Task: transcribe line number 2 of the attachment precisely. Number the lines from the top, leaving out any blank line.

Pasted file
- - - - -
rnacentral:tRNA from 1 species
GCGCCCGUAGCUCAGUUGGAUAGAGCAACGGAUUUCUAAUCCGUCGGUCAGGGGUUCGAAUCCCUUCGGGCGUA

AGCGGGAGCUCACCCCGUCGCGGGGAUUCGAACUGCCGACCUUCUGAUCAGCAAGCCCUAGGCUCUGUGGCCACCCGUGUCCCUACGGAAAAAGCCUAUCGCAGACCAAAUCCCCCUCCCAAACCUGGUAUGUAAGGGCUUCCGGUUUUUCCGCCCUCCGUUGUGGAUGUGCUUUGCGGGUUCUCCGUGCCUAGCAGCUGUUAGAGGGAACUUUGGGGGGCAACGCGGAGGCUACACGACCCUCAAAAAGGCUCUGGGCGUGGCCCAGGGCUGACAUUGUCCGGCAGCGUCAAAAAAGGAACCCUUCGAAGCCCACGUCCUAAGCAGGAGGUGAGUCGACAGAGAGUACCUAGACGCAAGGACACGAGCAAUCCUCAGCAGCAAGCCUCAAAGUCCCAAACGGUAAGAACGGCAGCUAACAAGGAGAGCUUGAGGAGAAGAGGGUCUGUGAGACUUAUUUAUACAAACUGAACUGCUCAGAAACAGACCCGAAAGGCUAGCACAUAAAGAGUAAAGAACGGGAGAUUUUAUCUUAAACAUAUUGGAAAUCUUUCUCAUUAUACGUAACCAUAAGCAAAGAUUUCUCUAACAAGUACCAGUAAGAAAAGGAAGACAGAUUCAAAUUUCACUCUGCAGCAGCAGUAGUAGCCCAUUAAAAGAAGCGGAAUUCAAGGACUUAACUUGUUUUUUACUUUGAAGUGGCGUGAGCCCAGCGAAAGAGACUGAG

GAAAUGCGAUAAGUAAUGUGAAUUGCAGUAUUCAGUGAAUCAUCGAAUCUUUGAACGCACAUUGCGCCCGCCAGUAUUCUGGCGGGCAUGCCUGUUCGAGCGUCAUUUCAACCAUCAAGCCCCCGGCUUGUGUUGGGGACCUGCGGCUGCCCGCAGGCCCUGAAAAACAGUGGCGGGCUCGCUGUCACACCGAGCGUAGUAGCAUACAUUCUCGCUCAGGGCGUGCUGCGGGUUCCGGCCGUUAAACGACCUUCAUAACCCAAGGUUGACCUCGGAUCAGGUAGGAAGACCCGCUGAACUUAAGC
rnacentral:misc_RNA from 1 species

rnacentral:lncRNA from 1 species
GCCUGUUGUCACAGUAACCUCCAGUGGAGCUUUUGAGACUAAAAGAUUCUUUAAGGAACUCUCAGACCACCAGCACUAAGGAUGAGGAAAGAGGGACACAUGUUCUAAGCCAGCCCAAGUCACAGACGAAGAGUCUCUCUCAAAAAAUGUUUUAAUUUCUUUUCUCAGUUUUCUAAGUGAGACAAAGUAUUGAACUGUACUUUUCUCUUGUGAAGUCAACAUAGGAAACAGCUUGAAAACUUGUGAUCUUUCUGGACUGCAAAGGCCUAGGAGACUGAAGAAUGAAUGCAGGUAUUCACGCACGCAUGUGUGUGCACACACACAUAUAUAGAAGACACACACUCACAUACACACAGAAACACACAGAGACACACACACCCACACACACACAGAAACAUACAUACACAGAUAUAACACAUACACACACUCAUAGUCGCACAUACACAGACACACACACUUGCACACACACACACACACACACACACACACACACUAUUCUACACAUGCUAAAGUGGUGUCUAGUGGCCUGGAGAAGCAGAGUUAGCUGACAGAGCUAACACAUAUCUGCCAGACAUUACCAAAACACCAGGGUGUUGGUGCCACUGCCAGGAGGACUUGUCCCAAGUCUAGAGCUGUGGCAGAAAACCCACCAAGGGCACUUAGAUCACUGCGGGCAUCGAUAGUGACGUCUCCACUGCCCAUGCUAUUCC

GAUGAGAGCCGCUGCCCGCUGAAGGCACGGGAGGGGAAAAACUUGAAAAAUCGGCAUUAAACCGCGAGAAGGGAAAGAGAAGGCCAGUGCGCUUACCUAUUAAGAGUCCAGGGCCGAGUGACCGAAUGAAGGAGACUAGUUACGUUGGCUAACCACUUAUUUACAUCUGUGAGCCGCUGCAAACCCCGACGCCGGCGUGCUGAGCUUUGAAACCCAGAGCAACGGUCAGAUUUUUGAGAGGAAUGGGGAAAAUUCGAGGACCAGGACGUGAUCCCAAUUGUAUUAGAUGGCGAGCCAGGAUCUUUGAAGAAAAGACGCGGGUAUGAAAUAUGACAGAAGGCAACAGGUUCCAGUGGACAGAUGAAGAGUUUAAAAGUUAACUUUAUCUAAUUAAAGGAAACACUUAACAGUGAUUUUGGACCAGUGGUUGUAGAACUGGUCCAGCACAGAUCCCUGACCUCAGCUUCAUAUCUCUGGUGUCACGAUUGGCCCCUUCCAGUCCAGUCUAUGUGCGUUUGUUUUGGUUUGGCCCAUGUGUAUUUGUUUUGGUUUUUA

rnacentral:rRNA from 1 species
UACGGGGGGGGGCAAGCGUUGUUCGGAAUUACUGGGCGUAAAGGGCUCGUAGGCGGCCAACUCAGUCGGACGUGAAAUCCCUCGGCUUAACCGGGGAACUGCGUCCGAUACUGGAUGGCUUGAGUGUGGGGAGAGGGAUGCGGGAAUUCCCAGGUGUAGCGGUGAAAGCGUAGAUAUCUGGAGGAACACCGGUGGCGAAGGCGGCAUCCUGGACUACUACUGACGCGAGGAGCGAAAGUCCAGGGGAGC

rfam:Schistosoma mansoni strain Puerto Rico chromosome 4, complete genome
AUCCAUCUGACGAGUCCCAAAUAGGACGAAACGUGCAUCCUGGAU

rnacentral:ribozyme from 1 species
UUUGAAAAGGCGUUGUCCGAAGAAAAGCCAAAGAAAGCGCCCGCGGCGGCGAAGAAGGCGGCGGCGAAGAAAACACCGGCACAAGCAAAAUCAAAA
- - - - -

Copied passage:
GCGCCCGUAGCUCAGUUGGAUAGAGCAACGGAUUUCUAAUCCGUCGGUCAGGGGUUCGAAUCCCUUCGGGCGUA